When to use dynamic vars?

Dynamic vars feel yucky, and much of the documentation seems to agree. Nonetheless database pools often use them with code like,

(defstate ^:dynamic *db*
  :start {:datasource (hik/make-datasource (-> env :conf :db))}
  :stop (hik/close-datasource (:datasource *db*)))

and then functions can refer to db. I honestly don’t understand exactly what the function is doing that it allows db to be referenced, but in any case why is this dynamic instead of something more normal for storing mutability, like an atom?

I don’t know about the exact database usecase to which you’re referring, but an important difference between vars and atoms is that vars can be rebound per-thread.

More info here in this relevant (and particularly well-written) bit of documentation:


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I don’t know exactly what you are using but I’m guessing mount?
That does not use ^dynamic (or earmuffs).
Well beyond what you get with atoms is that mount maintains a registry and dependencies so that (mount/start) or (mount/stop) will start or stop multiple resources. If you use atoms, it is your responsibility to manage which vars to run start or stop “updates” on.

rebound per thread… ah! As a webdev threading has rarely been a thing, so that virtue was lost on me. But I can understand why it sometimes has value.

Still, I’m unsure why cannonical examples of databases use dynamic variables to maintain the connection. They are pretty much the only place that dynamic variables are used in any of my applications. Is there a reason that dynamic variables are the choice there, although I don’t do any deliberate threading?

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I think this is poor practice and I wouldn’t say it was “canonical” at all.

Mount uses global state and, for me, that’s enough reason to avoid it.

We use Component at work – no globals – and I know Integrant is also popular (again, no globals).

clojure.java.jdbc used to use a dynamic Var but was changed a long time ago to have the connection (or datasource or db-spec) passed as an argument. Having a single (global) dynamic Var means you can’t work with multiple databases.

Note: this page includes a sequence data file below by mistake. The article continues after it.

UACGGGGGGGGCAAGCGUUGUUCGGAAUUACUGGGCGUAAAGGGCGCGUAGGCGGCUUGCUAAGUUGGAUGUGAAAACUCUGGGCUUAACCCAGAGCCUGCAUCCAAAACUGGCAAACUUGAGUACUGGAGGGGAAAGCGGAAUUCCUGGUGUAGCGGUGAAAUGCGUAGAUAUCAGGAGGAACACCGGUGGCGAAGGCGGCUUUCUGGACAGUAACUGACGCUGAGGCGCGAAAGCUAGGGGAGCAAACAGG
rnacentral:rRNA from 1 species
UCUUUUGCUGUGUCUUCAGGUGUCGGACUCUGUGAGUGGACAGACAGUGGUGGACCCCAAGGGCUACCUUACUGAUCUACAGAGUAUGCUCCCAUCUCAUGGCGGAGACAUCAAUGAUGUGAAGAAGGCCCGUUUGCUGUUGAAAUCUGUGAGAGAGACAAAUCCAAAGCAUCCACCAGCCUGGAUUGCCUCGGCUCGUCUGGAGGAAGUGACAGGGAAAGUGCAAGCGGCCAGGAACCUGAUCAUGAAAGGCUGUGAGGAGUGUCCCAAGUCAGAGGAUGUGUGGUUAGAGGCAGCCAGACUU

I use dynamic Vars in HoneySQL, to maintain “global” options within the context of a single call tree, to avoid passing a big options map everywhere – since the internal representation of the options does not directly match any options map users might provide. They are private:

honeysql/sql.cljc at develop · seancorfield/honeysql · GitHub

Yes and Yes, with the following exceptions:

  • testing: whenever you need to set up any mutable state afresh for each test in a given namespace
  • development: if you create a new version of one or more related functions and you want to test the new versions quickly while keeping the old versions, dynamic vars come in extremely handy

There’s nothing fundamentally wrong with using them for small things in your actual (non-testing) code, and I’ve done it a few times myself, but I’m willing to bet that there are alternative ways of doing whatever you are trying to achieve and those ways are almost always going to be cleaner, if a bit more effort.

In ClojureScript if you create a dynamic var the code in the binding macro simply set!s it’s value for the duration of the binding body, and resets it at the end or if an exception is thrown.

Also in ClojureScript (but not I believe Clojure) be vary wary of go blocks inside binding blocks, as due to the asynchronous nature of go blocks, any binding you set in the binding bindings vector is usually lost by the time the code in the go block executes.

I believe it is in this book, The Common Lisp Condition System: Beyond Exception Handling with Control Flow Mechanisms | SpringerLink, which I haven’t finished yet, but IIRC, most of the CL condition system seems to be implemented with dynamic variables. Which, when I read the parts that I read of the book, felt extremely yucky. If not being careful, dyn vars are like global, mutable state, and code becomes IMO much harder to read.

In the example of a dyn-var referring to the db. If you have a fn like

(defn do-whatever [foo] ...)

you have no idea wether this fn (or any of the fns it calls) interacts with the db or not, whereas if you don’t have your db as a dynvar, you know this.

So in our codebase we, as I think is normal, pass the handle to the database as a param, so you know that any fn that doesn’t get the handle to the db passed, is never interacting with the database.

This knowledge is gold when it comes to various forms of debugging.

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Here are some thoughts, as I don’t think that this is a simple yes-or-no question.

I don’t think that it makes sense to call dynamic variables »yucky«. They can be useful in some constructs where you actually use the context-establishing properties of the call stack. You could also pass that context explicitly, but when you have higher level functions in between, that can sometimes become unwieldy. As an example, look at printer control variables in Common Lisp.

The down side is that such context gets lost as soon as you go to a different thread, such as with a go block. That is, stack-based programming (such as with exceptions and dynamic variables) is a bit at odds with multi-threaded code.

Common Lisp was designed at a time where multi-threadedness was still in its infancy, and the language standard doesn’t even have anything about that (the de facto threading standard, bordeaux-threads, is just a wrapper library over the different CL implementations). If you know that your program (or even just your request handler) operates on a single stack, then you can very well make use of that, as it simplifies things. Common Lisp gives you quite some handy tools for that, such as the three-tier condition system, stack allocation, and dynamic variables (which strictly speaking are even independent from global variables, i. e. you can have local variables with dynamic extent).